In the case of Hart v The Abbeyfield (Maidenhead) Society, Mr Hart worked for a charity which operates care homes and care services. He was dismissed without notice for gross misconduct following an incident at work involving an altercation between him and a gardener, Mr Carrington.
Mr Hart made a Data Subject Access Request (“SAR”) to his employer to disclose personal data about him. In response, the employer provided him with 5 pages of emails. Mr Hart submitted ET claims for unfair dismissal, wrongful dismissal, discrimination on grounds of age, race, sex and/or disability, harassment and victimisation.
Following a dispute about disclosure, the ET ordered the employer to send “all documents and electronic records (and transcriptions) of telephone calls, which relate to the incident”, and it also invited the employer to identify any basis on which any document might be inadmissible by reason of privilege or otherwise and ordered that any such issue would be dealt with at the preliminary hearing.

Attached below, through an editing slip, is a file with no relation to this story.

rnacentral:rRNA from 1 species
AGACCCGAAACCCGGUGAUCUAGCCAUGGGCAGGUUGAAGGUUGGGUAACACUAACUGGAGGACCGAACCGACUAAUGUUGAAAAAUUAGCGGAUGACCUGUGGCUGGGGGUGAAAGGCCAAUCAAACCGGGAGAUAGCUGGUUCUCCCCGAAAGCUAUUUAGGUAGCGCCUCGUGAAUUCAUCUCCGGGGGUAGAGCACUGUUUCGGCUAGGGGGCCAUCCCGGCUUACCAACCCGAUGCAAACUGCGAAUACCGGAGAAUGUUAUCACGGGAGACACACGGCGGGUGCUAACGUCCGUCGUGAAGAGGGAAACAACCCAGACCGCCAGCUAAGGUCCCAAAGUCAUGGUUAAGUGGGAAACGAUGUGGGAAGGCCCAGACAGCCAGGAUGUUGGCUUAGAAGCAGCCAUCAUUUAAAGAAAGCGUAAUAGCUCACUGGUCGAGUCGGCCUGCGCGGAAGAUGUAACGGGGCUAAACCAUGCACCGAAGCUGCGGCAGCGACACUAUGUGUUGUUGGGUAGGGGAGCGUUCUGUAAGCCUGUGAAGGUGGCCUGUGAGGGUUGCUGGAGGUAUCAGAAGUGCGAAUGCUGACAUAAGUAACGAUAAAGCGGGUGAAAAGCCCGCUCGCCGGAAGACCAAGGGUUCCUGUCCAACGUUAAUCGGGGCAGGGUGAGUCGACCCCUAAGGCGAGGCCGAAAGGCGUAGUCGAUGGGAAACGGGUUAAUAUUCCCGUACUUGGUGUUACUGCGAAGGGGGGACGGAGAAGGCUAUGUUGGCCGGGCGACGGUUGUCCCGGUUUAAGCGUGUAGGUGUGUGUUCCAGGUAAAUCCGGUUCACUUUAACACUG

The employer submitted that some pages of a particular file were inadmissible by reason of litigation privilege – the documents were made in contemplation of litigation. Mr Hart contended that a number of documents engaged the iniquity principle whereby communications which would otherwise be privileged must nevertheless be disclosed in certain circumstances. The ET ruled that one document was disclosable for that reason and that the others were not.
Mr Hart cross-appealed against one document. The EAT allowed the appeal. The EAT found that the email which was prima facie covered by litigation privilege did not fall within the “iniquity” exception to privilege although it contained an indication by the employer of a determination to dismiss the employee come what may. The EAT concluded that the ET had omitted to resolve an issue of whether litigation privilege over some further emails had been waived when they were disclosed in response to a Data Subject Access Request.
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